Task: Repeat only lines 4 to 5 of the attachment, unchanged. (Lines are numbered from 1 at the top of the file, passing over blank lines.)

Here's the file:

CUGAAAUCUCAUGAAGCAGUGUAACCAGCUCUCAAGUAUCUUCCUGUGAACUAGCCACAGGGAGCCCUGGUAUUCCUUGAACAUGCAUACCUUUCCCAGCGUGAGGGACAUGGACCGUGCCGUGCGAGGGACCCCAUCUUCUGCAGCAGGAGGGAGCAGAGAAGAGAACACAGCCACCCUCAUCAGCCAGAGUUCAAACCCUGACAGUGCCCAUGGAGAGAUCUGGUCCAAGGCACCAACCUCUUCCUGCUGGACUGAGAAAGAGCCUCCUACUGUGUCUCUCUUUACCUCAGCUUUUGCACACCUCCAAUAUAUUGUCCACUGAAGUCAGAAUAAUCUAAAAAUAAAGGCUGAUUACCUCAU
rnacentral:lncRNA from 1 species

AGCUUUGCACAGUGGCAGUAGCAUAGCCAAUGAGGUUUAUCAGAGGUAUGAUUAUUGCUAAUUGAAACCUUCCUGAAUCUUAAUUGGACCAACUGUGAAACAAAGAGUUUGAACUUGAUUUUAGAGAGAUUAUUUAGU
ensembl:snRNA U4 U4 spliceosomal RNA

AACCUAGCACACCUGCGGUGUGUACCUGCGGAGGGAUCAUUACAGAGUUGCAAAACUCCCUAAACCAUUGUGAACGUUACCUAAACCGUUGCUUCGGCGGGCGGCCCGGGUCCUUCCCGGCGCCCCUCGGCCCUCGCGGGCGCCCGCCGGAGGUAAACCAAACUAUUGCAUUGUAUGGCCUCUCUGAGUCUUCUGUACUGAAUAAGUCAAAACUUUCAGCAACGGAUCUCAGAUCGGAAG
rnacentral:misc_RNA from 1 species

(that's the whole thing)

ensembl:snRNA U4 U4 spliceosomal RNA

AACCUAGCACACCUGCGGUGUGUACCUGCGGAGGGAUCAUUACAGAGUUGCAAAACUCCCUAAACCAUUGUGAACGUUACCUAAACCGUUGCUUCGGCGGGCGGCCCGGGUCCUUCCCGGCGCCCCUCGGCCCUCGCGGGCGCCCGCCGGAGGUAAACCAAACUAUUGCAUUGUAUGGCCUCUCUGAGUCUUCUGUACUGAAUAAGUCAAAACUUUCAGCAACGGAUCUCAGAUCGGAAG